Curator of Contemporary Art
borders enclose spaces, circumscribe ideas, define certain practices and often restrict movement. For me, as a curator, the idea of crossing borders means looking at the ways in which artists' works alert us to the extraordinary world, and to aspects of ourselves that we didn't know. The present is dominated by various submissions or resistances to the homogenising power of globalisation. Artists are responding to the crises of social and environmental instability by using their radically disparate cultural and political contexts to remind us of the necessity of difference and alternative visions and lifestyles. Crossing borders means taking us out of our comfort zones. For me, crossing borders means resisting global conservatism, but it also means maintaining certain ethical codes in a world in which ethics and morality are so easily subverted through abuses of power. Artists who cross the conventional borders of aesthetics, disciplines, practices, theories, emotion, identity proscription, subject matter, modes of representation, and the private-public divide, enter into unknown territory in their work. In doing so artists remind all of us that we will do well to keep our eyes and our minds open.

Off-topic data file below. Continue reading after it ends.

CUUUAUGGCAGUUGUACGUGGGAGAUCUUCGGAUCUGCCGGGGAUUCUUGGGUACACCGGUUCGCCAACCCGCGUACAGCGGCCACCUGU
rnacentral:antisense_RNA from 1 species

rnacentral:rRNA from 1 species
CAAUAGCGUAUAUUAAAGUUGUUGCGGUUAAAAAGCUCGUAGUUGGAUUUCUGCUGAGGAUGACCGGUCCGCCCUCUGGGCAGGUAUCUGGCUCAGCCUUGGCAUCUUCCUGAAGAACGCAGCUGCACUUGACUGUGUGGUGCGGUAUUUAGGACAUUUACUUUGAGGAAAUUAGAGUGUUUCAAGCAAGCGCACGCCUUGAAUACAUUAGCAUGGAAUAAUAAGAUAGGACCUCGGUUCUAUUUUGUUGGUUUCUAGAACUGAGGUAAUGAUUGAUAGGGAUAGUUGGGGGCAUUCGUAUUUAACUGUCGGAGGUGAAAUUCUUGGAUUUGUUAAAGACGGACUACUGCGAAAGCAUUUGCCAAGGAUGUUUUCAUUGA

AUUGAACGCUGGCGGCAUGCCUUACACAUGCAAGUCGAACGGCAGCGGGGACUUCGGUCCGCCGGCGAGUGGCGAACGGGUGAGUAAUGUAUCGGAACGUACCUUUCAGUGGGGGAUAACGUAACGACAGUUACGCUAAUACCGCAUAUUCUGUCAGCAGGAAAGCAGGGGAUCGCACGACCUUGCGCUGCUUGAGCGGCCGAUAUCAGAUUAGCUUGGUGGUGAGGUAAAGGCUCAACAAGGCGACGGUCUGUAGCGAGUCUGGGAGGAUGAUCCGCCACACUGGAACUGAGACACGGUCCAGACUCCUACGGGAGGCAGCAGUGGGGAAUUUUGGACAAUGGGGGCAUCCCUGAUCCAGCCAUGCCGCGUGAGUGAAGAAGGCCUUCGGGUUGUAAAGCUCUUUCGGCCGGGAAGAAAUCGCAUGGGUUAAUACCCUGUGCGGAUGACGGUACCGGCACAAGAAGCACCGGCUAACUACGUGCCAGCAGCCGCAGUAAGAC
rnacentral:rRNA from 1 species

Who places borders - arbitrary lines drawn by a political or economic situation or legislator distant from ordinary people, their lives and their situations? People from outside, immigrants, have to experience a series of unpleasant conditions, numbers, interminable queues, to obtain a new life far from their place of origin. Any sense of belonging is illusive. Undesirable work is their reward. We do not integrate with them because we are so locked into our own lives, in what we believe to be better or more important. We differentiate between those from there and those from here, we distrust that which we do not know.